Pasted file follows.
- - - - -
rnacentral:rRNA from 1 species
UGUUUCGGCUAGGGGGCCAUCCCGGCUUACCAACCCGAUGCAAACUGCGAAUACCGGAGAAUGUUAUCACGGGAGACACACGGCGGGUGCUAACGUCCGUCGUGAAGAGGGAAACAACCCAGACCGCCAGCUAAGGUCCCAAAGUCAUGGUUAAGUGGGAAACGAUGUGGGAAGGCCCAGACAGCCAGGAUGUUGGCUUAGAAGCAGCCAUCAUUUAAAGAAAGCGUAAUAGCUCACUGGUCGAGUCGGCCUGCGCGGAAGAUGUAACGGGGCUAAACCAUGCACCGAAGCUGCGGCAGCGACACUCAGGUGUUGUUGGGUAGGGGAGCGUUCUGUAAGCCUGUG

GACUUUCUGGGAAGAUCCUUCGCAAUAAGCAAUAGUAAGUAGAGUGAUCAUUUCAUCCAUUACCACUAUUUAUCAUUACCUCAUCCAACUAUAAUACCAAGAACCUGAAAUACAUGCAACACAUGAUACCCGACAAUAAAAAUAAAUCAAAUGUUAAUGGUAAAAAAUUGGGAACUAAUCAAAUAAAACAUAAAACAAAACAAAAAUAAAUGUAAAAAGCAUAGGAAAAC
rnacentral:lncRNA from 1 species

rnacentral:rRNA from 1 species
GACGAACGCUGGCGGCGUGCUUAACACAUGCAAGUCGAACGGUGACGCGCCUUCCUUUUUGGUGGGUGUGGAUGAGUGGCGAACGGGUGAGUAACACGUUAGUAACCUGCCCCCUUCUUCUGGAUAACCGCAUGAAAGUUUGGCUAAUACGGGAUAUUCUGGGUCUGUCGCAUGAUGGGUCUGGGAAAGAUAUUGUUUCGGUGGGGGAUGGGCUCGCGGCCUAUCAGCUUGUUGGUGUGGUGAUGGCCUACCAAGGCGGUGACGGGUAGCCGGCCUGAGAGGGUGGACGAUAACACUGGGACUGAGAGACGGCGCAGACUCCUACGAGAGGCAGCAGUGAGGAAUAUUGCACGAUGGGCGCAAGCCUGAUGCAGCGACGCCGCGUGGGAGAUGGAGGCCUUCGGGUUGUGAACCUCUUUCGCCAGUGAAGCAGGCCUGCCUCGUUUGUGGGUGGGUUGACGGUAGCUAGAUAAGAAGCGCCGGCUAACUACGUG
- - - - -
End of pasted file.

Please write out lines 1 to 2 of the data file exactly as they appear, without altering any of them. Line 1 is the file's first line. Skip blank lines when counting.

rnacentral:rRNA from 1 species
UGUUUCGGCUAGGGGGCCAUCCCGGCUUACCAACCCGAUGCAAACUGCGAAUACCGGAGAAUGUUAUCACGGGAGACACACGGCGGGUGCUAACGUCCGUCGUGAAGAGGGAAACAACCCAGACCGCCAGCUAAGGUCCCAAAGUCAUGGUUAAGUGGGAAACGAUGUGGGAAGGCCCAGACAGCCAGGAUGUUGGCUUAGAAGCAGCCAUCAUUUAAAGAAAGCGUAAUAGCUCACUGGUCGAGUCGGCCUGCGCGGAAGAUGUAACGGGGCUAAACCAUGCACCGAAGCUGCGGCAGCGACACUCAGGUGUUGUUGGGUAGGGGAGCGUUCUGUAAGCCUGUG